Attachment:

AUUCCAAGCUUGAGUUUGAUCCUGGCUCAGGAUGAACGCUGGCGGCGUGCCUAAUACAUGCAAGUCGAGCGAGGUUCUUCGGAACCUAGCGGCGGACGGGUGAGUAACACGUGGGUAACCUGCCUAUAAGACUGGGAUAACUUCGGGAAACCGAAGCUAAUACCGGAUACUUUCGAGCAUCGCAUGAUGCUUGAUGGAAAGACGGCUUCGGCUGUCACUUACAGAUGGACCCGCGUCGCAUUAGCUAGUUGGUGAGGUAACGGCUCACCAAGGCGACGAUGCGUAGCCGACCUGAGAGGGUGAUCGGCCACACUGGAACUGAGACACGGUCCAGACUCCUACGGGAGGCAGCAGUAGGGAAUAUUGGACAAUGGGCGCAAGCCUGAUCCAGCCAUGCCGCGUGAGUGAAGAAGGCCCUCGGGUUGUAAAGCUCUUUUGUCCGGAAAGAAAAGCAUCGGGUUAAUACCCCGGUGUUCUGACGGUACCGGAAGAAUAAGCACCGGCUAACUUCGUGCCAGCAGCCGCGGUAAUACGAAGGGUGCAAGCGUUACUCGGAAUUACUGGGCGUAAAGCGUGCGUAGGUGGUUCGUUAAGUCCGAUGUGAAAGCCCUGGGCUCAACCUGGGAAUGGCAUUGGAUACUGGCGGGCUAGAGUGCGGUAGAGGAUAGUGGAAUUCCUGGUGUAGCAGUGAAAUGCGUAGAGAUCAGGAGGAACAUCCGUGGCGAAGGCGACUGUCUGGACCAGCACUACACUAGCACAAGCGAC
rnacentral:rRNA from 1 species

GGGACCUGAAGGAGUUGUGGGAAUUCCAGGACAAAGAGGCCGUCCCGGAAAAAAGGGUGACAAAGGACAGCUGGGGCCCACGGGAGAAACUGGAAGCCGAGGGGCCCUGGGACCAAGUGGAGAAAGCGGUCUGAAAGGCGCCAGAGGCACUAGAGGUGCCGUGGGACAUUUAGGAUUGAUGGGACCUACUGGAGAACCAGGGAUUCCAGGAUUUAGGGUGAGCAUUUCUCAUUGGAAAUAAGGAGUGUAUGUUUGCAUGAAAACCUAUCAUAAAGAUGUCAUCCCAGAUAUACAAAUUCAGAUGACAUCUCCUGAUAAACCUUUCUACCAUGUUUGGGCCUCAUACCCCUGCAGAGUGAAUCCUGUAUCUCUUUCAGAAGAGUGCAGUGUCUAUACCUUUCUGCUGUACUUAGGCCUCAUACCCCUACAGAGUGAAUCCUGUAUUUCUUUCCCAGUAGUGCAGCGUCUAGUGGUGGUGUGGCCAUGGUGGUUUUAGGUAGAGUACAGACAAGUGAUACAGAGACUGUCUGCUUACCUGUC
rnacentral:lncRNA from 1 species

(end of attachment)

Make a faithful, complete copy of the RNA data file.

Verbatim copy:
AUUCCAAGCUUGAGUUUGAUCCUGGCUCAGGAUGAACGCUGGCGGCGUGCCUAAUACAUGCAAGUCGAGCGAGGUUCUUCGGAACCUAGCGGCGGACGGGUGAGUAACACGUGGGUAACCUGCCUAUAAGACUGGGAUAACUUCGGGAAACCGAAGCUAAUACCGGAUACUUUCGAGCAUCGCAUGAUGCUUGAUGGAAAGACGGCUUCGGCUGUCACUUACAGAUGGACCCGCGUCGCAUUAGCUAGUUGGUGAGGUAACGGCUCACCAAGGCGACGAUGCGUAGCCGACCUGAGAGGGUGAUCGGCCACACUGGAACUGAGACACGGUCCAGACUCCUACGGGAGGCAGCAGUAGGGAAUAUUGGACAAUGGGCGCAAGCCUGAUCCAGCCAUGCCGCGUGAGUGAAGAAGGCCCUCGGGUUGUAAAGCUCUUUUGUCCGGAAAGAAAAGCAUCGGGUUAAUACCCCGGUGUUCUGACGGUACCGGAAGAAUAAGCACCGGCUAACUUCGUGCCAGCAGCCGCGGUAAUACGAAGGGUGCAAGCGUUACUCGGAAUUACUGGGCGUAAAGCGUGCGUAGGUGGUUCGUUAAGUCCGAUGUGAAAGCCCUGGGCUCAACCUGGGAAUGGCAUUGGAUACUGGCGGGCUAGAGUGCGGUAGAGGAUAGUGGAAUUCCUGGUGUAGCAGUGAAAUGCGUAGAGAUCAGGAGGAACAUCCGUGGCGAAGGCGACUGUCUGGACCAGCACUACACUAGCACAAGCGAC
rnacentral:rRNA from 1 species

GGGACCUGAAGGAGUUGUGGGAAUUCCAGGACAAAGAGGCCGUCCCGGAAAAAAGGGUGACAAAGGACAGCUGGGGCCCACGGGAGAAACUGGAAGCCGAGGGGCCCUGGGACCAAGUGGAGAAAGCGGUCUGAAAGGCGCCAGAGGCACUAGAGGUGCCGUGGGACAUUUAGGAUUGAUGGGACCUACUGGAGAACCAGGGAUUCCAGGAUUUAGGGUGAGCAUUUCUCAUUGGAAAUAAGGAGUGUAUGUUUGCAUGAAAACCUAUCAUAAAGAUGUCAUCCCAGAUAUACAAAUUCAGAUGACAUCUCCUGAUAAACCUUUCUACCAUGUUUGGGCCUCAUACCCCUGCAGAGUGAAUCCUGUAUCUCUUUCAGAAGAGUGCAGUGUCUAUACCUUUCUGCUGUACUUAGGCCUCAUACCCCUACAGAGUGAAUCCUGUAUUUCUUUCCCAGUAGUGCAGCGUCUAGUGGUGGUGUGGCCAUGGUGGUUUUAGGUAGAGUACAGACAAGUGAUACAGAGACUGUCUGCUUACCUGUC
rnacentral:lncRNA from 1 species